Long-term care insurance also helps couples with one of the spouses in a nursing home who want to protect their assets from government spend-down requirements so their partner will still have adequate assets, McNeill says. Spend-down requirements vary by state, but they generally require a person to use up their assets for long-term care until they have around $100,000 left. However, if they purchase long-term care insurance, the value of that insurance plus the remaining spend-down amount are exempted from that requirement, she notes.

McNeill isn’t a fan of three-way policies or other hybrid alternatives because she doesn’t think they offer adequate coverage. She does recommend that advisers work with insurance agents to help participants select the right long-term care coverage for them from the outset, because it may not be possible to change it.

Leonard Wright, a CPA financial planner in San Diego, tells PLANADVISER “because most people have just barely enough money they retire, I advise my clients that they can do a 1035 exchange from a life insurance or annuity product into long-term care insurance, without paying taxes, which is a nice feature. It is a great opportunity to repurpose an asset.” However, one point to keep in mind, Wright says, is “some insurance companies will accept these 1035 transfers from an outside insurance company, and some will not.”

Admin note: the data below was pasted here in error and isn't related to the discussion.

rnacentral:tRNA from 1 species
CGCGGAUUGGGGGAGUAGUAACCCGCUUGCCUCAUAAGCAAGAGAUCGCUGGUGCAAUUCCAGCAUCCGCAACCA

Retirement plan advisers absolutely should help their clients face these issues, Love says. “We have a particular calling to discuss these things with our clients so they can consider the possibilities.”

Fortunately, financial firms are creating tools to help plan advisers broach the sensitive issue of retirement health care costs with participants. Genworth Financial has just launched a website, longtermcareinsurance.org, to help individuals and their advisers select long-term care insurance. HealthView Services, which provides retirement health care cost data, recently developed a health care retirement cost planning tool for members of the Insured Retirement Institute (see “IRI Partners withHealthView Partners for Care Planning”).